Association of Ultraprocessed Food Consumption With Risk of Dementia: A Prospective Cohort Study

Neurology. 2022 Sep 6;99(10):e1056-e1066. doi: 10.1212/WNL.0000000000200871. Epub 2022 Jul 27.


Background and objectives: There has been a growing body of evidence associating consumption of ultraprocessed foods (UPF) with adverse health outcomes including depression, cardiovascular disease, and all-cause mortality. However, whether UPF are associated with dementia is unknown. The authors investigated the associations between UPF and dementia incidence in the UK Biobank.

Methods: We included 72,083 participants (55 years or older) who were free from dementia at baseline and provided at least 2 times 24-hour dietary assessments from the UK Biobank study. Follow-up occurred through March 2021. UPF were defined according to the NOVA classification. Incident all-cause dementia comprising Alzheimer disease (AD) and vascular dementia was ascertained through electronic linkages to hospital and mortality records. Cox proportional hazards were used to estimate the association between the proportion (%) of UPF in the diet and the subsequent risk of dementia. In addition, substitution analysis was used to estimate the risk of dementia when substituting UPF with an equivalent proportion of unprocessed or minimally processed foods.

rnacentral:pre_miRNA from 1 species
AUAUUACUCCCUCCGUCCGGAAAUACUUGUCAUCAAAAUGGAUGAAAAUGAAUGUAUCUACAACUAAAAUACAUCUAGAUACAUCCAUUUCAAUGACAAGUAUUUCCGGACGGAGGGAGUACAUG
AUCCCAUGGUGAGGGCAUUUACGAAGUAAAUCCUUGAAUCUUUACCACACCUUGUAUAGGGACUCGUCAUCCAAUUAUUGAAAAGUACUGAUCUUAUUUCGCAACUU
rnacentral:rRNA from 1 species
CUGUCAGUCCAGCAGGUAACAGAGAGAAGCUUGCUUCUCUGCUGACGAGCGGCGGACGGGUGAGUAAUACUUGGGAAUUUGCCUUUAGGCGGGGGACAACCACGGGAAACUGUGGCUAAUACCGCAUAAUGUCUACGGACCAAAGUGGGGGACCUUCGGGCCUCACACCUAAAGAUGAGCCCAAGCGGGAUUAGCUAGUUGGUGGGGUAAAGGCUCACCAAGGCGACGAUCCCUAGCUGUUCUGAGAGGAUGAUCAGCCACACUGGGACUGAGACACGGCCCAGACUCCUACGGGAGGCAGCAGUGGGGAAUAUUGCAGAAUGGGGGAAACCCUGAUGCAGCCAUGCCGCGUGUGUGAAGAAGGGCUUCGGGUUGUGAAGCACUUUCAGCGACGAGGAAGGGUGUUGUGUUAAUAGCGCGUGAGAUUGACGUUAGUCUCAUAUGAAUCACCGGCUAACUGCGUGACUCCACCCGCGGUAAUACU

Results: During a total of 717,333 person-years of follow-up (median 10.0 years), 518 participants developed dementia, of whom 287 developed AD and 119 developed vascular dementia. In the fully adjusted model, consumption of UPF was associated with higher risk of dementia (hazard ratio [HR] for 10% increase in UPF 1.25; 95% CI 1.14-1.37), AD (HR 1.14; 95% CI 1.00-1.30), and vascular dementia (HR 1.28; 95% CI 1.06-1.55), respectively. In addition, replacing 10% of UPF weight in diet with an equivalent proportion of unprocessed or minimally processed foods was estimated to be associated with a 19% lower risk of dementia (HR 0.81; 95% CI 0.74-0.89).

Discussion: In this prospective cohort study, higher consumption of UPF was associated with higher risk of dementia, whereas substituting unprocessed or minimally processed foods for UPF was associated with lower risk of dementia.

Publication types

  • Research Support, Non-U.S. Gov't

MeSH terms

  • Dementia, Vascular*
  • Diet
  • Fast Foods / adverse effects
  • Food Handling
  • Humans
  • Prospective Studies